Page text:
I get a lot of the same question about how to take care of jewelry over and over again and I thought this might be a good way to help people out. The most asked question I get is will my silver turn black? The answer is YES. It is sterling silver and all sterling silver will turn if it is not polished. You can learn more about why on my Blog here.
Now that we have gotten that out of the way, what can you do?
Well, first of all you can wear your jewelry. When we wear jewelry it is constantly moving and rubbing against our skin. This is essentially polishing the jewelry. This is why you can buy two of the same ring, put one in the cabinet in your bathroom and wear the other. The one in the cabinet will turn but the one on your finger still has its silver shine. (So wear that statement piece to run errands- you bought it to wear anyway)
You can take it to your local jeweler. They will usually be willing to help out, sometimes for a small fee.
You can purchase polish cream online or even at the grocery store sometimes but these are pretty harsh chemicals and you might not like that so I went on a hunt for the best way to do this without the chemical mess.
The most popular “green” way that I found was to put aluminum foil in a pot, add baking soda, and boil. Make sure to add your silver. (WAIT-I only recommend this if your jewelry does NOT have any stones in it. The heat can hurt the stones) I suggest covering the pot. The combination of boiling water, hot metal, and baking soda turned into a bit of a mess. If you have a glass lid that might be best so you can see what is going on. Keep an eye on things and you will see that the tarnish has transferred to the foil and your pieces and pretty again. Use tongs to take silver out, dry, and let cool. When I did this I did it with a variety of stuff. I found that the larger silverware pieces did the best but I was disappointed with the smaller pieces of wire.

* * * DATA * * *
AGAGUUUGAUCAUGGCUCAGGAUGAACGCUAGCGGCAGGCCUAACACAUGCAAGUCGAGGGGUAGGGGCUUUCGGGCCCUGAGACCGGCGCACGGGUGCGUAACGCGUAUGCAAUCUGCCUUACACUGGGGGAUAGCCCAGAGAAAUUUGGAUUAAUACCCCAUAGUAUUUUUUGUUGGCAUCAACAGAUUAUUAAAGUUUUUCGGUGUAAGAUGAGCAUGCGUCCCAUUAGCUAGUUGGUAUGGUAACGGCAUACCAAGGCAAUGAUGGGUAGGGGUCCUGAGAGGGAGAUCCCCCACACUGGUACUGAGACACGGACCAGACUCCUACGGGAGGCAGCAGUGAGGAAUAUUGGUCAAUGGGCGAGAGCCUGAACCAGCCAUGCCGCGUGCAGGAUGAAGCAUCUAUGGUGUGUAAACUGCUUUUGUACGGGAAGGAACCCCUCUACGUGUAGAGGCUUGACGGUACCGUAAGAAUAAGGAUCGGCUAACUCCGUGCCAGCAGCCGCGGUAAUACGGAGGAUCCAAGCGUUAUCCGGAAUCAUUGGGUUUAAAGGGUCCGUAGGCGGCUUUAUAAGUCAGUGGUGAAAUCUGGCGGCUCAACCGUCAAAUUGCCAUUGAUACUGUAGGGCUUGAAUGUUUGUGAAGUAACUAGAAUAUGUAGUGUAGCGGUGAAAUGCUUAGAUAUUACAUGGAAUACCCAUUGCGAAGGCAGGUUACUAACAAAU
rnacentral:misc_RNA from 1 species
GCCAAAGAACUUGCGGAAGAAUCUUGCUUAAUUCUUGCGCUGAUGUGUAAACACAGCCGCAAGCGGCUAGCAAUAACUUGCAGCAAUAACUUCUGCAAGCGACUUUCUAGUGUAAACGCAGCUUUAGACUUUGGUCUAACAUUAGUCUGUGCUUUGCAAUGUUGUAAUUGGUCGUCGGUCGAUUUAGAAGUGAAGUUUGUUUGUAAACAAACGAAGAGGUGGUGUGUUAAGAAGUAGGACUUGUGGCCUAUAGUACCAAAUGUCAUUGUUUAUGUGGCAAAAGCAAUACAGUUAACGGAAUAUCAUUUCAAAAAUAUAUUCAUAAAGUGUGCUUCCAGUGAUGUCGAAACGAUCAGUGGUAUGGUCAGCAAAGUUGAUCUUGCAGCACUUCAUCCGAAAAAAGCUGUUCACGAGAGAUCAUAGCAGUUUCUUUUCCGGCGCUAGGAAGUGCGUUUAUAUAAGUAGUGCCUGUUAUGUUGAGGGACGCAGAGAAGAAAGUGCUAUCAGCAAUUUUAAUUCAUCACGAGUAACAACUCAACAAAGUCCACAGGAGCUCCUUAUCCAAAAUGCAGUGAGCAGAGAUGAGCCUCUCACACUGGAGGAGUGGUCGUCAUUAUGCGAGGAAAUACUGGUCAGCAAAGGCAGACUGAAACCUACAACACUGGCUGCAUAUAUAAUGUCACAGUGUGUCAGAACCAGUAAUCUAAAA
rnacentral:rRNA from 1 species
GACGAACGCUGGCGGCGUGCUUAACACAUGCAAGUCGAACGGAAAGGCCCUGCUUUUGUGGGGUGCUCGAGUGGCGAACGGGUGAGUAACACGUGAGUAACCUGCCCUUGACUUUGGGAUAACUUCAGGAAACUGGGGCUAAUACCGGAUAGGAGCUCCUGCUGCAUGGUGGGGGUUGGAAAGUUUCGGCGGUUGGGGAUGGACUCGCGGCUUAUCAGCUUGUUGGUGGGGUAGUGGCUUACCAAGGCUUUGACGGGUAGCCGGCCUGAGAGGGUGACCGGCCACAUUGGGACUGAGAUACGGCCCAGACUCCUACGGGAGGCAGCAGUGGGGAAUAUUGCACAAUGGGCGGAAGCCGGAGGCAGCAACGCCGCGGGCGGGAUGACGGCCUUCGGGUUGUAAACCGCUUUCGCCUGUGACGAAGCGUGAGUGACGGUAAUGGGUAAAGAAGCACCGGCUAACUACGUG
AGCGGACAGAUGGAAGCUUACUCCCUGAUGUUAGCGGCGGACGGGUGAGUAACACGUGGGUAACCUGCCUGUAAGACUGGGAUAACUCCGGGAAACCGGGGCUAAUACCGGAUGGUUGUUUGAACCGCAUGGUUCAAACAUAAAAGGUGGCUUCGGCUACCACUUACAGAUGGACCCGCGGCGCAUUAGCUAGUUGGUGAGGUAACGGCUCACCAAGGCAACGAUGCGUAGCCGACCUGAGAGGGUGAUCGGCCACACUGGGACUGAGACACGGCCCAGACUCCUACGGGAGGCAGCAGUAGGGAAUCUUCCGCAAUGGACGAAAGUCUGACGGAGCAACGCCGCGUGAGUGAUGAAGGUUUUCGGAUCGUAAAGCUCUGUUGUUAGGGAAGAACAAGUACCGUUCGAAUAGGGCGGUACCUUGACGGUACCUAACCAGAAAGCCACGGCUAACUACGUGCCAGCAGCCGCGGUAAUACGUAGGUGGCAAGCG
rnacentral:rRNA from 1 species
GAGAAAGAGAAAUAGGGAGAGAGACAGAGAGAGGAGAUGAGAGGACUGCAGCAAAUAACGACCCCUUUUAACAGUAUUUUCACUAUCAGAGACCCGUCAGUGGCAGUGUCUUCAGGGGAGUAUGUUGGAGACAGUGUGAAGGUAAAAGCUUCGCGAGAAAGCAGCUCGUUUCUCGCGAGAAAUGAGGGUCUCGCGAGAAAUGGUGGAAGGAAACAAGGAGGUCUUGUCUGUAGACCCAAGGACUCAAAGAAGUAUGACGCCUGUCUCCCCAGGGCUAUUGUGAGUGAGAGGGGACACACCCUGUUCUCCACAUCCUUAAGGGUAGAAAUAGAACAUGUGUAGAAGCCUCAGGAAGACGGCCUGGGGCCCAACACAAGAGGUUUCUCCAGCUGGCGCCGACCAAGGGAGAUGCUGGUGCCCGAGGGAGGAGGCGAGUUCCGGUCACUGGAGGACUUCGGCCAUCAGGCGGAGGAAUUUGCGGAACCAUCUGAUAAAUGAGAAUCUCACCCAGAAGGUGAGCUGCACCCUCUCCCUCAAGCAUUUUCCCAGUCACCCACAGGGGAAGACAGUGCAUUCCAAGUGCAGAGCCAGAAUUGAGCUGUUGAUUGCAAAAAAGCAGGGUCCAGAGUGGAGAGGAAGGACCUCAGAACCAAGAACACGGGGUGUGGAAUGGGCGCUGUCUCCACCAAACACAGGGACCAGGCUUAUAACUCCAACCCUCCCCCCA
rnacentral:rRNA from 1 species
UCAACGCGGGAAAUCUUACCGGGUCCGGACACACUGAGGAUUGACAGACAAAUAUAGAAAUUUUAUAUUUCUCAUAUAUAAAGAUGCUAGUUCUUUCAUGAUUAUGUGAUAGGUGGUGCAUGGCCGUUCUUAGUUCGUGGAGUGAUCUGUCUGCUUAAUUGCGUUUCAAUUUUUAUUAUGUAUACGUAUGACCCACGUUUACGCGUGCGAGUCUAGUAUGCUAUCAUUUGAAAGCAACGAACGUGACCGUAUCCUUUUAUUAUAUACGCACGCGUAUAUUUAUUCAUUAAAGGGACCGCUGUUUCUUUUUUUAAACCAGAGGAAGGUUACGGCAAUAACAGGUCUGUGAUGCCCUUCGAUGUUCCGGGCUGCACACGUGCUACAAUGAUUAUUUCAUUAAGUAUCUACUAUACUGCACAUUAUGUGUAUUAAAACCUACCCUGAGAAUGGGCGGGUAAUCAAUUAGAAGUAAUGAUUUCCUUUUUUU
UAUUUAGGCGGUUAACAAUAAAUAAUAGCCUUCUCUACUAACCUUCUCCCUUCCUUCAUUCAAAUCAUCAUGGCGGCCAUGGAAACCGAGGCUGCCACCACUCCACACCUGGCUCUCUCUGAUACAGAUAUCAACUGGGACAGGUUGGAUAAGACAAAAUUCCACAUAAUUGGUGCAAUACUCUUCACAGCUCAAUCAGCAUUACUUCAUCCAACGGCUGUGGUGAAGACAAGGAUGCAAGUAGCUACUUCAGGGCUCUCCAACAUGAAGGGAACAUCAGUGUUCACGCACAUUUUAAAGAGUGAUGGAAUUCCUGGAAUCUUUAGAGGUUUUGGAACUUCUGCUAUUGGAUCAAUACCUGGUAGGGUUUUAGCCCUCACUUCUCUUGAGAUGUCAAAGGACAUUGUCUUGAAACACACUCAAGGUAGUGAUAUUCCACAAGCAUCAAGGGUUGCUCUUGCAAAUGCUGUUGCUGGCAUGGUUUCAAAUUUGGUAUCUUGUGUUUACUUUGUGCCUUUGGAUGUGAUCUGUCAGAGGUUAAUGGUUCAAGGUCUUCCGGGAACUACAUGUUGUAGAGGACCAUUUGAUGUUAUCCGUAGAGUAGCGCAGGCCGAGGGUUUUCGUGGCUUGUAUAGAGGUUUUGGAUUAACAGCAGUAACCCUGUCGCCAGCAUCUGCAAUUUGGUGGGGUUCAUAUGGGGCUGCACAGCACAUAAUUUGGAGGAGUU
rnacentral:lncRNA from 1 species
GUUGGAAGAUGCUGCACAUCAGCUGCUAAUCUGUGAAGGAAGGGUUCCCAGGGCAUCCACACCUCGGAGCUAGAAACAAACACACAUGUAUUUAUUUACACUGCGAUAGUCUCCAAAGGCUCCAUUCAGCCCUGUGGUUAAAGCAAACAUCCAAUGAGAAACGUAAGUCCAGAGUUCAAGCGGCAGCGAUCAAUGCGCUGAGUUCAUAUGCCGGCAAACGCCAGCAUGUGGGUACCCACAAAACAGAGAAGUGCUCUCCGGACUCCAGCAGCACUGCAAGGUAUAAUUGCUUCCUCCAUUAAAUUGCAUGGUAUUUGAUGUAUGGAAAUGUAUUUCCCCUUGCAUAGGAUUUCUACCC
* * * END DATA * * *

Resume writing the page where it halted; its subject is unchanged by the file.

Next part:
The next test I did (still no gem stones) was with lemon juice and baking soda. I was disappointed so I added hot water. Still not a huge difference but I was able to wipe some tarnish off.
At this point my husband walked in and told me that I was doing it wrong and that I should combine the lemon juice with vinegar. He told me this was his technique for cleaning up old coins as a kid. A new brew was made and I put some pieces (without stones) in there and went out. Hours later I came back to no change. I asked him about it and he said, well, you have to scrub it a bit too. We tried. Nothing. Back in the bowl again over night. Still no change. Maybe I did it wrong...
There might be more concoctions out there that I do not know about. Maybe I did some of these wrong or didn’t wait long enough. Either way I can’t say I found a new technique that works better than the little sponges I use when I am not in the studio. These little guys are great. They are disposable. There is no mess. And because they are made of a spongy material I am able to turn them on their side to get into little crevasses. They are also safe to use if there are stones in the jewelry. I love them so much that I put them in my shop for you to snag up.
I really hope this helps and I look forward to hearing from you if you would like to give any input.
P.S. DO NOT use toothpaste. Toothpaste is very course. That is like using sandpaper to polish your jewelry.